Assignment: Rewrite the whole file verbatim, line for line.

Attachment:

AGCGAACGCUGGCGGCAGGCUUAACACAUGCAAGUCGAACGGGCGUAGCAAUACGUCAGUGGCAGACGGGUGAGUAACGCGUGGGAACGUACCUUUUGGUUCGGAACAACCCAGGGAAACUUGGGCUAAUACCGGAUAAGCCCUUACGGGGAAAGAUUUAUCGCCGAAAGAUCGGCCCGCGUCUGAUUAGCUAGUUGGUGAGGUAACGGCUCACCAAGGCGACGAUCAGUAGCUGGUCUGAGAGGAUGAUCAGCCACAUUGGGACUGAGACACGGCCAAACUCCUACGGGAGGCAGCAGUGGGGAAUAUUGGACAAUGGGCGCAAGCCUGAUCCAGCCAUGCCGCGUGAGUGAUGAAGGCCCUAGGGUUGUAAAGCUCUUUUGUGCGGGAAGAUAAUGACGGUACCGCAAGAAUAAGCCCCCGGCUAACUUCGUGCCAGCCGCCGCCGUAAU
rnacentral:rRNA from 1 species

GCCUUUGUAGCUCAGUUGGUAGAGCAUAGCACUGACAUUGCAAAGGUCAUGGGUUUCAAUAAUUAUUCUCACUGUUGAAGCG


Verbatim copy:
AGCGAACGCUGGCGGCAGGCUUAACACAUGCAAGUCGAACGGGCGUAGCAAUACGUCAGUGGCAGACGGGUGAGUAACGCGUGGGAACGUACCUUUUGGUUCGGAACAACCCAGGGAAACUUGGGCUAAUACCGGAUAAGCCCUUACGGGGAAAGAUUUAUCGCCGAAAGAUCGGCCCGCGUCUGAUUAGCUAGUUGGUGAGGUAACGGCUCACCAAGGCGACGAUCAGUAGCUGGUCUGAGAGGAUGAUCAGCCACAUUGGGACUGAGACACGGCCAAACUCCUACGGGAGGCAGCAGUGGGGAAUAUUGGACAAUGGGCGCAAGCCUGAUCCAGCCAUGCCGCGUGAGUGAUGAAGGCCCUAGGGUUGUAAAGCUCUUUUGUGCGGGAAGAUAAUGACGGUACCGCAAGAAUAAGCCCCCGGCUAACUUCGUGCCAGCCGCCGCCGUAAU
rnacentral:rRNA from 1 species

GCCUUUGUAGCUCAGUUGGUAGAGCAUAGCACUGACAUUGCAAAGGUCAUGGGUUUCAAUAAUUAUUCUCACUGUUGAAGCG